Fishing is one of the world’s oldest professions, and many coastal communities past and present rely on fishing as a source of food. Today, most commercial fishing is done with boats and large nets to catch many fish, and a single angler with a fly rod is unlikely to catch enough fish to feed an entire community. But that is not the point of modern fly fishing anyway. Today’s anglers simply enjoy some quality time out in the wild, and fly fishing rods, sage fly reels, fly fishing outfits, and more make this sport possible. Today’s fly fishing is more about the art than catching a lot of fish in many cases, and an aspiring angler may buy the right gear, such as fly rods or rod reels, from a local retailer to get started. How might fly fishing be done?
Fly Rods and Other Gear
Like any other hobby, getting into fly fishing means both getting the right gear and learning the technique. An aspiring angler may visit local outdoor gear retailers and ask the staff there for recommendations, and the customer may specify that they are getting into fly fishing in particular. After all, fly rods and other gear are distinct from those of conventional fishing. These novice anglers may get their hands on discount fly rods to stay in a tight budget, or they may invest in a larger, more expensive rod for more dedicated fishing trips. The anger may also get the right line and bait, and the bait is typically artificial lures with feathers to imitate natural insects. The angler may also get the proper types of fly reels for the job.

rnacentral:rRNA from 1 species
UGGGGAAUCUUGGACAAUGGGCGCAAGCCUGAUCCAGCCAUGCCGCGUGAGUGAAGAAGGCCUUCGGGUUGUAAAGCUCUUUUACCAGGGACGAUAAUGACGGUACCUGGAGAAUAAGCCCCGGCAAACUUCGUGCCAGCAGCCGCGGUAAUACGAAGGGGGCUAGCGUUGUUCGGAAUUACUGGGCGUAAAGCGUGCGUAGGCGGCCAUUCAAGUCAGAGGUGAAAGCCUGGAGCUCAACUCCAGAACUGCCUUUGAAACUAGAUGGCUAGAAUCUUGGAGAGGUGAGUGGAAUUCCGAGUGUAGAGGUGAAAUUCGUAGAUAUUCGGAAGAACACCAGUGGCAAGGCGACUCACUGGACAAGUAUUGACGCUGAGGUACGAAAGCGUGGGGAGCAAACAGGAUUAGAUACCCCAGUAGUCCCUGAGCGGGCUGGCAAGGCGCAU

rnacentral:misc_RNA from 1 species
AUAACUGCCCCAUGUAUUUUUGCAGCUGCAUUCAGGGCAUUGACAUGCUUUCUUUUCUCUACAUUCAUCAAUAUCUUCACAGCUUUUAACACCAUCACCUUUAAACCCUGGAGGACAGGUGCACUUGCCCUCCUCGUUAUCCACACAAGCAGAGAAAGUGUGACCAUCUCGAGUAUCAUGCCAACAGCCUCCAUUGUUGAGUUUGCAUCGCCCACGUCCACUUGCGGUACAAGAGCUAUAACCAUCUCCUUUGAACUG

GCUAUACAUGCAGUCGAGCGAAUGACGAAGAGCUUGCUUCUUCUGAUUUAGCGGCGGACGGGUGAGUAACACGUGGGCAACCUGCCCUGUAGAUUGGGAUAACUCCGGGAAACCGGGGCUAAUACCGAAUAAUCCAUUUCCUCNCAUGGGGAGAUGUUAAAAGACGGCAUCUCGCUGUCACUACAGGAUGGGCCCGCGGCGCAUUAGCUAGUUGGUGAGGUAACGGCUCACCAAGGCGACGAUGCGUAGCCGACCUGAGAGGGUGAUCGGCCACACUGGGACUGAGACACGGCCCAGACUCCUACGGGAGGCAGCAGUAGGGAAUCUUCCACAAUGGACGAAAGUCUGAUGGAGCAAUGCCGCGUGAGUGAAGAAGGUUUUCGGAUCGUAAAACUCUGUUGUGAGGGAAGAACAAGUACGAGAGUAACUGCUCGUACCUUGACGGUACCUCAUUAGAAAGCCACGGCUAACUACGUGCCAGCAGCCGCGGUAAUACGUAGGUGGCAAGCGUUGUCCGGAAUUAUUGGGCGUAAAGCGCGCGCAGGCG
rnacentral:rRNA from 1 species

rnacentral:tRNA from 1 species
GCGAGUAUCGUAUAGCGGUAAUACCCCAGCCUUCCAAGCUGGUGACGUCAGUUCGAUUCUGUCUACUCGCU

Don’t forget the clothes. Going fly fishing today means dressing for the part, since fly fishers operate while standing in the water, rather than on the shore or on a boat like with conventional fishing. Fly fishers don’t want to get soaked, so they will buy tall, waterproof rubber boots to keep them dry while standing in a cold creek or stream. These boots may in fact be built into overalls for maximum effect, and they can help keep the angler dry while they are fishing. The fisher may also get their hands on a tackle box to store their spare reels and line, not to mention artificial bait or even live bait. The angler should also bring along a water-filled live capture bucket, if they keep the fish that they catch. Someone doing “catch and release” fishing won’t actually need the bucket, though.
Going Out Fishing
Once a novice angler gets their fly rods, line, and other gear, they may want to learn the best way to catch some fish. A new angler may learn the proper technique for casting the line, since fly fishing differs from regular fishing in this arena. Regular fishing lures are heavy and use the lure’s weight to throw out the line, but fly fishing involves small, light bait. So, a fly fisher will cast the line itself rather than cast the lure, and that may take some practice and guidance to master. The benefit of fishing like this is that the light lure does not make a disruptive splash when it lands on the water, so it will not scare off fish when it arrives. Fly fishing is subtle and discreet by comparison.
An angler may also check with local wildlife conservation departments once they arrive in the area. Conservation departments work hard to protect and maintain local animal populations, and hunters and fishers alike will abide by their guidelines. Fly fishers may get permits for fishing, and they may be required to release fish that are under a certain size. The idea is to limit pressure on reproducing fish populations so the overall population doesn’t crash from fishing efforts. Otherwise, the angler may keep sufficiently large fish, and cook them later. But it’s not an issue at all if the angler is doing “catch and release” fishing to start with.